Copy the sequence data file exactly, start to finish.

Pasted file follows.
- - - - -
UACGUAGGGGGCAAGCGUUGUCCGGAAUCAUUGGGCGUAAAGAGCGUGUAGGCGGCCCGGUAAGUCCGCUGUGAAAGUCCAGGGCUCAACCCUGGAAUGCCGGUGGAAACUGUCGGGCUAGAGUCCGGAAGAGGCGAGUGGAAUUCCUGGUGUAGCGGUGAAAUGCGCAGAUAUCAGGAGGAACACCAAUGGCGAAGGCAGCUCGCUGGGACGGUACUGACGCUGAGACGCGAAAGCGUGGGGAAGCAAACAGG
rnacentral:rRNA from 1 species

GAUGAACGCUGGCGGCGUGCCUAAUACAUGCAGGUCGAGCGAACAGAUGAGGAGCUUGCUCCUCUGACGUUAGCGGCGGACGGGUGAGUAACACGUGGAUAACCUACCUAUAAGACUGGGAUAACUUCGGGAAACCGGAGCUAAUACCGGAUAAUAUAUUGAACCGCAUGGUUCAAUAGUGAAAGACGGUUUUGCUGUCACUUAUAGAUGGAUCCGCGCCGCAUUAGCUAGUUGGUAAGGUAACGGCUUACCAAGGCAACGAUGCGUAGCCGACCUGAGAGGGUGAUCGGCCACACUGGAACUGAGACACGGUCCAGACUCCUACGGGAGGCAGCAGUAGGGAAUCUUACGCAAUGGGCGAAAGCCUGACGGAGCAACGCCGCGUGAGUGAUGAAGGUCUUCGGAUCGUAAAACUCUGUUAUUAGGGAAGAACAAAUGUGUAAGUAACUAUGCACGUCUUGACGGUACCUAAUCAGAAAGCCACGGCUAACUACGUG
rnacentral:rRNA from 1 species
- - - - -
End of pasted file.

UACGUAGGGGGCAAGCGUUGUCCGGAAUCAUUGGGCGUAAAGAGCGUGUAGGCGGCCCGGUAAGUCCGCUGUGAAAGUCCAGGGCUCAACCCUGGAAUGCCGGUGGAAACUGUCGGGCUAGAGUCCGGAAGAGGCGAGUGGAAUUCCUGGUGUAGCGGUGAAAUGCGCAGAUAUCAGGAGGAACACCAAUGGCGAAGGCAGCUCGCUGGGACGGUACUGACGCUGAGACGCGAAAGCGUGGGGAAGCAAACAGG
rnacentral:rRNA from 1 species

GAUGAACGCUGGCGGCGUGCCUAAUACAUGCAGGUCGAGCGAACAGAUGAGGAGCUUGCUCCUCUGACGUUAGCGGCGGACGGGUGAGUAACACGUGGAUAACCUACCUAUAAGACUGGGAUAACUUCGGGAAACCGGAGCUAAUACCGGAUAAUAUAUUGAACCGCAUGGUUCAAUAGUGAAAGACGGUUUUGCUGUCACUUAUAGAUGGAUCCGCGCCGCAUUAGCUAGUUGGUAAGGUAACGGCUUACCAAGGCAACGAUGCGUAGCCGACCUGAGAGGGUGAUCGGCCACACUGGAACUGAGACACGGUCCAGACUCCUACGGGAGGCAGCAGUAGGGAAUCUUACGCAAUGGGCGAAAGCCUGACGGAGCAACGCCGCGUGAGUGAUGAAGGUCUUCGGAUCGUAAAACUCUGUUAUUAGGGAAGAACAAAUGUGUAAGUAACUAUGCACGUCUUGACGGUACCUAAUCAGAAAGCCACGGCUAACUACGUG
rnacentral:rRNA from 1 species